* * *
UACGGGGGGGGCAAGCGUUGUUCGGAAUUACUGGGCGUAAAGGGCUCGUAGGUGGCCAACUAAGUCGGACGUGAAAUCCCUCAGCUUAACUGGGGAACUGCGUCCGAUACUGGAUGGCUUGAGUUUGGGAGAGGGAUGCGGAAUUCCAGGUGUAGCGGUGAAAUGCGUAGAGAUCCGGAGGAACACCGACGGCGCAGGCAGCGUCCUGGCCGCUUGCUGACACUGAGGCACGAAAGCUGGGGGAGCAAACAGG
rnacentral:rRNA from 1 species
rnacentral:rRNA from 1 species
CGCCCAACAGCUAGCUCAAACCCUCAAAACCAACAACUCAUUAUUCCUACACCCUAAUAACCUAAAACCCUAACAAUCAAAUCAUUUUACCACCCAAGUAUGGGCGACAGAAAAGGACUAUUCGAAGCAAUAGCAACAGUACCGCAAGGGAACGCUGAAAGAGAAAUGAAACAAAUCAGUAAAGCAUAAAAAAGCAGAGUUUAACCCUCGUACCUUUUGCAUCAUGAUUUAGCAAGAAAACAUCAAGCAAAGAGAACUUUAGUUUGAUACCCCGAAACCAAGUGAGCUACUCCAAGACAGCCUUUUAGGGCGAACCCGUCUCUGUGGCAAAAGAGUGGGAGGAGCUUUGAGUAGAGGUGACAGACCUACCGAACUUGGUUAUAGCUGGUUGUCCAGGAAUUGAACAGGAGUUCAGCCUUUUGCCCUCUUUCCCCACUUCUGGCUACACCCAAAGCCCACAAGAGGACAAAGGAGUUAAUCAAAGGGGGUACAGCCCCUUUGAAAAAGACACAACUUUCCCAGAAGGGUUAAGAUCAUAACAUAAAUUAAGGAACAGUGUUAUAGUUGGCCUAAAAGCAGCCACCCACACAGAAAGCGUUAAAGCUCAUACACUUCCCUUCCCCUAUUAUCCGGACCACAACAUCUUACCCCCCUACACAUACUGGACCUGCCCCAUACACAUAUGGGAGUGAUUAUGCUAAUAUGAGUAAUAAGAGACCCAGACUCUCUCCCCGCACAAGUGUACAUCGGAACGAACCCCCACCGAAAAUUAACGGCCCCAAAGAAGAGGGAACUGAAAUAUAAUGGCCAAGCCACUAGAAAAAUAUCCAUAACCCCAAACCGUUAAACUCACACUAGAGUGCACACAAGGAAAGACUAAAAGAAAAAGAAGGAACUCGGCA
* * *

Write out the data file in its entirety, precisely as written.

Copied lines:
UACGGGGGGGGCAAGCGUUGUUCGGAAUUACUGGGCGUAAAGGGCUCGUAGGUGGCCAACUAAGUCGGACGUGAAAUCCCUCAGCUUAACUGGGGAACUGCGUCCGAUACUGGAUGGCUUGAGUUUGGGAGAGGGAUGCGGAAUUCCAGGUGUAGCGGUGAAAUGCGUAGAGAUCCGGAGGAACACCGACGGCGCAGGCAGCGUCCUGGCCGCUUGCUGACACUGAGGCACGAAAGCUGGGGGAGCAAACAGG
rnacentral:rRNA from 1 species
rnacentral:rRNA from 1 species
CGCCCAACAGCUAGCUCAAACCCUCAAAACCAACAACUCAUUAUUCCUACACCCUAAUAACCUAAAACCCUAACAAUCAAAUCAUUUUACCACCCAAGUAUGGGCGACAGAAAAGGACUAUUCGAAGCAAUAGCAACAGUACCGCAAGGGAACGCUGAAAGAGAAAUGAAACAAAUCAGUAAAGCAUAAAAAAGCAGAGUUUAACCCUCGUACCUUUUGCAUCAUGAUUUAGCAAGAAAACAUCAAGCAAAGAGAACUUUAGUUUGAUACCCCGAAACCAAGUGAGCUACUCCAAGACAGCCUUUUAGGGCGAACCCGUCUCUGUGGCAAAAGAGUGGGAGGAGCUUUGAGUAGAGGUGACAGACCUACCGAACUUGGUUAUAGCUGGUUGUCCAGGAAUUGAACAGGAGUUCAGCCUUUUGCCCUCUUUCCCCACUUCUGGCUACACCCAAAGCCCACAAGAGGACAAAGGAGUUAAUCAAAGGGGGUACAGCCCCUUUGAAAAAGACACAACUUUCCCAGAAGGGUUAAGAUCAUAACAUAAAUUAAGGAACAGUGUUAUAGUUGGCCUAAAAGCAGCCACCCACACAGAAAGCGUUAAAGCUCAUACACUUCCCUUCCCCUAUUAUCCGGACCACAACAUCUUACCCCCCUACACAUACUGGACCUGCCCCAUACACAUAUGGGAGUGAUUAUGCUAAUAUGAGUAAUAAGAGACCCAGACUCUCUCCCCGCACAAGUGUACAUCGGAACGAACCCCCACCGAAAAUUAACGGCCCCAAAGAAGAGGGAACUGAAAUAUAAUGGCCAAGCCACUAGAAAAAUAUCCAUAACCCCAAACCGUUAAACUCACACUAGAGUGCACACAAGGAAAGACUAAAAGAAAAAGAAGGAACUCGGCA